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Friday, January 27, 2023

Nicholas strengthens hurricane before making landfall in Texas


HOUSTON (Associated Press)-Nicholas intensified into a Category 1 hurricane when it made landfall on the Texas Gulf Coast on Monday, and is expected to bring heavy rain and flooding from Mexico to the storm-hit coastal areas of Louisiana.

Forecasters at the Miami National Hurricane Center stated that the highest sustained wind speed reached 75 mph (120 km/h) a few hours before the expected landfall.

Although the system is expected to produce only a fraction of Harvey’s rainfall, the hurricane warning from Port O’Connor to Freeport and the hurricane observation from Freeport to the western end of Galveston Island. Tropical storm warnings from Port Aransas to Sabine Pass and storm surge warnings from Port Aransas to Sabine Pass, including Galveston, Aransas, San Antonio and Matagorda Bay. From Sabine Pass to Rutherford Beach, Louisiana, storm surge monitoring is in effect.

According to the Hurricane Center, an automated station in Matagorda Bay recorded sustained wind speeds of 76 mph (122 km/h) and gusts of 95 mph (153 km/h). According to data from the utility tracking website poweroutage.us, approximately 50,000 customers in Texas lost power on Monday night.

In Houston, which is vulnerable to flooding, officials worry that the heavy rain expected to arrive later on Monday and early Tuesday may flood streets and houses. Mayor Sylvester Turner said that authorities have deployed high-water rescue vehicles throughout the city and set up roadblocks in more than 40 flood-prone locations.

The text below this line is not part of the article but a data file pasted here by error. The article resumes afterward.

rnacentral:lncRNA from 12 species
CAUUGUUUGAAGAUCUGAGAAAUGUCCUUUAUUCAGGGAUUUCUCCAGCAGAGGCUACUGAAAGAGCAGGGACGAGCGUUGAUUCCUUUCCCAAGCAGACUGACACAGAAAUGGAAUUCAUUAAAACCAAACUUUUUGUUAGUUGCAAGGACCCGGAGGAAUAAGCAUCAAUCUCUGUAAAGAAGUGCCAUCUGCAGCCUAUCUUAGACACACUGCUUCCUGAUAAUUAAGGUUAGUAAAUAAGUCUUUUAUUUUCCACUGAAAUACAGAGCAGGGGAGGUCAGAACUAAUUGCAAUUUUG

“The city is very resilient. We know what we need to do. We know to be prepared,” Turner said, referring to the four major floods that have hit the Houston area in recent years, including devastating damage caused by Harvey. , More than 150,000 houses in the Houston area were flooded.

Turner and Harris County Judge Lina Hidalgo asked residents to stay away from the road on Monday night to avoid endangering their lives or the lives of first responders who might be called to the flooded road rescue.

“What I need every resident to do is get where you need to go by 6 pm and stay there,” said Hidalgo, the highest elected official in Harris County, which includes Houston.

The state’s largest school district in Houston announced that Tuesday’s classes will be cancelled due to the upcoming storm. The weather threat also closed multiple COVID-19 testing and vaccination sites in Houston and Corpus Christi, and forced the cancellation of the Harry Styles concert scheduled for Monday night in Houston.

On Monday night, shortly before landing, Nicholas’ center was about 45 miles (75 kilometers) southwest of Freeport. The National Hurricane Center said that the storm is moving north-northeast at a speed of nearly 10 mph (17 km/h) and is expected to continue along this path at night, over southeastern Texas on Tuesday move. Forecasters said they expect the storm to turn to the northeast at a slower rate later on Tuesday, move more slowly eastward on Wednesday, and are expected to drift across southwestern Louisiana by then.